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I have a question on the usage of optional words such as "that" and "to" that accompany the conjunction "and".

Please look at the two sentences below:

"I am writing to inform you that I am not an American and I do not have an American wife."

"I am writing to inform you that I am not an American and that I do not have an American wife."

Which is a better style of writing?

Here is a similar comparison:

"She is determined to work diligently and live independently"

"She is determined to diligently and to live independently."

Any suggestions as to which writing style is preferred in formal writing?

Thank you.
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RIPI have a question on the usage of optional words such as "that" and "to" that accompany the conjunction "and".

Please look at the two sentences below:

"I am writing to inform you that I am not an American and I do not have an American wife."

"I am writing to inform you that I am not an American and that I do not have an American wife."

Which is a better style of writing?

Here is a similar comparison:

"She is determined to work diligently and live independently"

"She is determined to diligently and to live independently."

Any suggestions as to which writing style is preferred in formal writing?

Thank you.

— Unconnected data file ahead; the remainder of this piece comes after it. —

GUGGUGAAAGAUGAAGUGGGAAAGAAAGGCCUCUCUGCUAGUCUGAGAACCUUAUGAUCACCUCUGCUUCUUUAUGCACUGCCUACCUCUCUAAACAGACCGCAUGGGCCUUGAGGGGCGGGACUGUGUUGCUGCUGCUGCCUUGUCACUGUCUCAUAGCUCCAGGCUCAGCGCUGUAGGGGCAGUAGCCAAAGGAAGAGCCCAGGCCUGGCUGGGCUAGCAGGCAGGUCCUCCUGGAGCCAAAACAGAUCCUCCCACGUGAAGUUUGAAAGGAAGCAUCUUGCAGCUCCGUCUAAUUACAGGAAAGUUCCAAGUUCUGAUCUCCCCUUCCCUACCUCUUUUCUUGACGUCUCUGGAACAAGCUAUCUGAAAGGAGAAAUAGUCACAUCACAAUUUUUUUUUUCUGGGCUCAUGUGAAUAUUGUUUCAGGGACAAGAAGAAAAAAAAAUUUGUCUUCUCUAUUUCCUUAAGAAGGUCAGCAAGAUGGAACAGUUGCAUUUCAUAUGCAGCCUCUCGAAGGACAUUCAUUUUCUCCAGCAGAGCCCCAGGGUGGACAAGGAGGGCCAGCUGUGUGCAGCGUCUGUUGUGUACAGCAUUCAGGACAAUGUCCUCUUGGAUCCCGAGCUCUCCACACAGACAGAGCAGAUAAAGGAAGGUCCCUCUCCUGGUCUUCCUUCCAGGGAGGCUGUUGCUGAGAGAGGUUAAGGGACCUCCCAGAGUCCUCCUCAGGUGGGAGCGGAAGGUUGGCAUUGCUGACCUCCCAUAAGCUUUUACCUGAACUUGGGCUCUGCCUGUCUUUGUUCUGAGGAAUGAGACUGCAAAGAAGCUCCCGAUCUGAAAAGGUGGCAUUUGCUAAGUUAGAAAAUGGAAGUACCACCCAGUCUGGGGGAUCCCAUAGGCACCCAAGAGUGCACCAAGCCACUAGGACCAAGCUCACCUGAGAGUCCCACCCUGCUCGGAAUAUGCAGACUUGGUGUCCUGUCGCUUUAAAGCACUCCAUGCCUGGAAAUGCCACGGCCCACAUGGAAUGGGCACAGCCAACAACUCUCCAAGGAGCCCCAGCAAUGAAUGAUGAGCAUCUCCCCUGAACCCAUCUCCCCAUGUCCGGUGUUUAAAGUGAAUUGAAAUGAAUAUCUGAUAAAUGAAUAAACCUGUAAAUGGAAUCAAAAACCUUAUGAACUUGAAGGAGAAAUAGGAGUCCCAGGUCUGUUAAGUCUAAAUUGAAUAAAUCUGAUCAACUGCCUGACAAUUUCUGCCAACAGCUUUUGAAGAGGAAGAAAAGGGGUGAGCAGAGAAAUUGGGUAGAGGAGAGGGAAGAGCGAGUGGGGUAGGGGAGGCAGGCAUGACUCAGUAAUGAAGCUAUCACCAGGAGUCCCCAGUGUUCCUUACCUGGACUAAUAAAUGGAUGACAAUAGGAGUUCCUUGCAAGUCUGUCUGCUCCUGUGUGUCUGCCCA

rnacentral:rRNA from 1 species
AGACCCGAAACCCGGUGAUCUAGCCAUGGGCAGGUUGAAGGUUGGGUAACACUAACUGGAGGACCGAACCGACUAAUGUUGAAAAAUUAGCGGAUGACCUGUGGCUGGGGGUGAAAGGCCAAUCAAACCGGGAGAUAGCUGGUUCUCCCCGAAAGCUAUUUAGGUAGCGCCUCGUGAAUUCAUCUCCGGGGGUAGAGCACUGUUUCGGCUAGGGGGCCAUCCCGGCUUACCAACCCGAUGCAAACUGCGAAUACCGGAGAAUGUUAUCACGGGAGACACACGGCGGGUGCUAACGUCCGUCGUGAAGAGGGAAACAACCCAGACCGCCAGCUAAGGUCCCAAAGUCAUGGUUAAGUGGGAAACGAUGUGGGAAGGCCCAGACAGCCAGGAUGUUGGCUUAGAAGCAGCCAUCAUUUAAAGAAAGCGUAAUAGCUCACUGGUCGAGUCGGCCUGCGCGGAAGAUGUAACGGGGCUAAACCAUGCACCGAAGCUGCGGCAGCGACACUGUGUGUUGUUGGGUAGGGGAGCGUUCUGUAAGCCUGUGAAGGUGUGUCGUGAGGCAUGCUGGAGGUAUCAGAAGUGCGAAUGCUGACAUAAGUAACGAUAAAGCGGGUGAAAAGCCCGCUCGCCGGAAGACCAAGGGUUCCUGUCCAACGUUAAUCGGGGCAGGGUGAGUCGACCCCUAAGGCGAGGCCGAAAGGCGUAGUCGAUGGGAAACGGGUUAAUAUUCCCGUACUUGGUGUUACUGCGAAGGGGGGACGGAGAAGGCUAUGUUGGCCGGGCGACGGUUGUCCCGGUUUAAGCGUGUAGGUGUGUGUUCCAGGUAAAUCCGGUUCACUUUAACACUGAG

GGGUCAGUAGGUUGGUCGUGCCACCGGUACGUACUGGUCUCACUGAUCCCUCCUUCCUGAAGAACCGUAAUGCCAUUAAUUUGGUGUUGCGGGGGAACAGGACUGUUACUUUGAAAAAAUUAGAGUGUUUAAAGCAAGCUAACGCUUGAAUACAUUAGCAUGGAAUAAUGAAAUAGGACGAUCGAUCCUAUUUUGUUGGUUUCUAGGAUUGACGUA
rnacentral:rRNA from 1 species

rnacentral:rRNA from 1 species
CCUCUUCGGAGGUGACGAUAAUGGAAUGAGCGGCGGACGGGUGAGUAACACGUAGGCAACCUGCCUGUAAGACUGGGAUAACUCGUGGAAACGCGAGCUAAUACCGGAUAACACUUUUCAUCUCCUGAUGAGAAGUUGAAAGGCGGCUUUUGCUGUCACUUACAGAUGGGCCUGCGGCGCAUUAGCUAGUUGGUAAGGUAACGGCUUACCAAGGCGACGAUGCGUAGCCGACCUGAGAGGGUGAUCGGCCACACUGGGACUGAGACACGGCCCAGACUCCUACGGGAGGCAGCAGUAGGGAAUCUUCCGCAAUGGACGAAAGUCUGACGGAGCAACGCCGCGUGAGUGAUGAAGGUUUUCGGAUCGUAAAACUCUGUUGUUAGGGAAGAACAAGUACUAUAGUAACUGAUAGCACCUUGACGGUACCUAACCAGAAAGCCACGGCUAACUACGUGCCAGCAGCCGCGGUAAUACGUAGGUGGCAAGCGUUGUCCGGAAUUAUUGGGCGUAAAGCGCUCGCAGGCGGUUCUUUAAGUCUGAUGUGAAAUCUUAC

1. First sentence is not good. The second one is better, although I would omit "that I".

2. The first sentence is fine; the second has a "split infinitive". Some would argue, for the sake of parallel structure, a second 'to' could precede live. I would not, however.

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The first example of each sentence is how a native English speaker would say and write it.

"Star Trek" set the trend in split infinitives: "To boldly go where no man has gone before."

It makes me cringe, but everyone does it.
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Comments  


I apologize, the second sentence in the second part should have said:

"She is determined to work diligently and to live independently." There is no split infinitive (some say it's good practice to avoid split infinitives, but I have heard frequently that many scholars do not mind them as long as the meaning of the sentences is clear; would you agree?).

Returning to the question at hand, would you say stylistic preference largely depends on the context of the writing as well as the reader? Are any of the above example sentences grammatically incorrect?

Thanks.
"I am writing to inform you that I am not an American and I do not have an American wife."

I don't see anything wrong with the above sentence.

SG
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 Eimai_Anglos's reply was promoted to an answer.